The CDC says flu kills an average 24,000 Americans each year. Year-to-year flu deaths fluctuate and it is very difficult to predict how bad a flu season will be in advance. Over the last 30 years, flu-related deaths in the United States have ranged from about 3,300 to a high of about 49,000.
Immunity provided by the flu vaccine lasts about eight months, so even if you got vaccinated last year, it's important to get this year's vaccine.
Also, there is a new strain of the H3N2 flu virus that has not been included in previous flu shots. This strain has been linked to two recent flu outbreaks in Iowa.
New virus strain means a new vaccine which will benefit all ages. This year’s seasonal flu vaccine provides protection against the H1N1 virus and two other flu strains, so only one vaccine is needed.
Groups that will need two separate doses include children under age 9 receiving their first-ever flu vaccine and children younger than 9 who received their first-ever seasonal flu vaccine last year, but only got one dose, according to guidelines from the American Academy of Pediatrics.
Flu vaccination was already recommended for 85 percent of the U.S. population but the CDC expanded that to almost everyone based on evidence that vaccination can benefit people of all ages. "We've been moving in that direction for a number of years," CDC spokesman Tom Skinner says. Health officials were also concerned that the 2009 H1N1 virus would continue circulating during this flu season and that "a substantial proportion of young adults might remain susceptible to infection," according to the federal Advisory Committee on Immunization Practices.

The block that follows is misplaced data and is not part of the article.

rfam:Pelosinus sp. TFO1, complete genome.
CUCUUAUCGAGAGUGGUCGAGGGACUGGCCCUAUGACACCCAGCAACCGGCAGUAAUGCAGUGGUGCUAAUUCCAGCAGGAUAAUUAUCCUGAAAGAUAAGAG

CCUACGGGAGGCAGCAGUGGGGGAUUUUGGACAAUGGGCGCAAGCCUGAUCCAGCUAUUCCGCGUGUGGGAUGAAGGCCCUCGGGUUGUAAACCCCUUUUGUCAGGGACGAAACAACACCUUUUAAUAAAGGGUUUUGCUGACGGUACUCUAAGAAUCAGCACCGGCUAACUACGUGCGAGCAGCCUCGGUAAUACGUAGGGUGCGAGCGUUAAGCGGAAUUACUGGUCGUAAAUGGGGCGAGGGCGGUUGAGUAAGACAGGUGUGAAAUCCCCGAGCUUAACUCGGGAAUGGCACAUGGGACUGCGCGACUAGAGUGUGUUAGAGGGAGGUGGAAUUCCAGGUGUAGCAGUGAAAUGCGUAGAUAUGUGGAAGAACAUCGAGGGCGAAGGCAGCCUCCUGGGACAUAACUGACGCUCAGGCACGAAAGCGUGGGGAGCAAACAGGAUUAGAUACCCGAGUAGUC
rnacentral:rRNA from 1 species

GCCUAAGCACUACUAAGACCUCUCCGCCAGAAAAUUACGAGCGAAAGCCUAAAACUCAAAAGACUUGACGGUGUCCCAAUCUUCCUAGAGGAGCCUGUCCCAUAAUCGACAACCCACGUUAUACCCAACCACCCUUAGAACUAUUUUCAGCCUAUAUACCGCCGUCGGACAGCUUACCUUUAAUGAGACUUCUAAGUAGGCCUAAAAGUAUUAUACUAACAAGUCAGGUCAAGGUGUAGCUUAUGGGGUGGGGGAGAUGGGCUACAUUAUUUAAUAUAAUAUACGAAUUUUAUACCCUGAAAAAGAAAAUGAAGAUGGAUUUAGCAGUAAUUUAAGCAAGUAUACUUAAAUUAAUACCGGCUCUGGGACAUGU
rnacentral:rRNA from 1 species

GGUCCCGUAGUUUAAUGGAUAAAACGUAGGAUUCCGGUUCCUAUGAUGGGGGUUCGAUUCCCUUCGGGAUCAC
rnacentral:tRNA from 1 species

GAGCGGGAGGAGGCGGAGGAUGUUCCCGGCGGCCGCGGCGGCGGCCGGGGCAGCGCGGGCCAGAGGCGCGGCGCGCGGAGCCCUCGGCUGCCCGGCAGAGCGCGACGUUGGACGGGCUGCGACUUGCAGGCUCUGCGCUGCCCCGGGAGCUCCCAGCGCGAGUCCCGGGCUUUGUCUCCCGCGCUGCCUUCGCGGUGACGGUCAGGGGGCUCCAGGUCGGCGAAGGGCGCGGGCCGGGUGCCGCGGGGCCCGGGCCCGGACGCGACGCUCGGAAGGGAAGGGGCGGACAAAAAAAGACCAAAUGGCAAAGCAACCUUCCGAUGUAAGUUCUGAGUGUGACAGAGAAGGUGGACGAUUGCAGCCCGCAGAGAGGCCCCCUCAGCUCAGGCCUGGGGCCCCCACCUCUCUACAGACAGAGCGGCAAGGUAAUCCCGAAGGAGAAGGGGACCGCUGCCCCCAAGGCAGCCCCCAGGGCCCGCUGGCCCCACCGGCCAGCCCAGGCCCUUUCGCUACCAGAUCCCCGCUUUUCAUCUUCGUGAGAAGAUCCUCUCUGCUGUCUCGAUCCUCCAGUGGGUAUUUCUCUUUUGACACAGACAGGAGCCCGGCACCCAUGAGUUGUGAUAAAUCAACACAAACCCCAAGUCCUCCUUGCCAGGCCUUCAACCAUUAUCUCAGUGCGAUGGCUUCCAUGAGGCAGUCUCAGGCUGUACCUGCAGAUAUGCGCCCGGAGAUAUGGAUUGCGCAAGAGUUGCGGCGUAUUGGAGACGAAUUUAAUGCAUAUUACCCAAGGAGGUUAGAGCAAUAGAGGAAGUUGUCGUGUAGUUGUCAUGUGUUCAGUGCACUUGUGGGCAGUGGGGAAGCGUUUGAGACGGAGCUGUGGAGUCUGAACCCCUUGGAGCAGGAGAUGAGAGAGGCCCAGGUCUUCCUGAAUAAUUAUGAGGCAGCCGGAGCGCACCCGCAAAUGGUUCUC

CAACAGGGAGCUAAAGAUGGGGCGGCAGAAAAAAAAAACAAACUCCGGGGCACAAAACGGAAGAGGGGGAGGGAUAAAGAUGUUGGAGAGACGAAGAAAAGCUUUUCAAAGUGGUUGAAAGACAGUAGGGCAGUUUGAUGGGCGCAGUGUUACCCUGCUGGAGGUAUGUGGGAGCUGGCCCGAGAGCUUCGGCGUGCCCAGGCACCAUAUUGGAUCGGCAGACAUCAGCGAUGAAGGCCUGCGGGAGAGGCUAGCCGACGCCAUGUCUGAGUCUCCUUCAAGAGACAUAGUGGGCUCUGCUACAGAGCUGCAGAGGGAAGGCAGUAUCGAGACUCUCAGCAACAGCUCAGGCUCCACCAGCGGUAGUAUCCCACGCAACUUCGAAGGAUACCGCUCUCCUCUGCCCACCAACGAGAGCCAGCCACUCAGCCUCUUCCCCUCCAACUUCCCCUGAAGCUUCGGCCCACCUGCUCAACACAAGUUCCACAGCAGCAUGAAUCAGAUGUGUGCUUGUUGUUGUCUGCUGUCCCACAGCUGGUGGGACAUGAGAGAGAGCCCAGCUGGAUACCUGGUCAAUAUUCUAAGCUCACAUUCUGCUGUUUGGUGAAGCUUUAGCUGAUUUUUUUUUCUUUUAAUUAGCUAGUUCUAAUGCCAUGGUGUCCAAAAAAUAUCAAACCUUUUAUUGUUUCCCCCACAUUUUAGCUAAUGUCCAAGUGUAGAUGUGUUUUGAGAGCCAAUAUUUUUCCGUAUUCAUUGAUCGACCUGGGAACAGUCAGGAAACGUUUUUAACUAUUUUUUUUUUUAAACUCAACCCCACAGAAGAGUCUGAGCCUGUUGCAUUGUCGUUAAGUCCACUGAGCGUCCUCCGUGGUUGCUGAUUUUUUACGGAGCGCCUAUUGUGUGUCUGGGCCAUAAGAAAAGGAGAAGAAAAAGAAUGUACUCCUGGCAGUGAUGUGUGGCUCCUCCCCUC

Exceptions include people with egg allergies, people who have had a severe reaction to a flu vaccine in the past and infants younger than six months.
The flu vaccine is made using chicken eggs. There is no need to be concerned about salmonella in the vaccine after the massive egg recall. Eggs used for vaccine production don't come from the same farms as eggs used for food and the eggs are rigorously inspected for pathogens.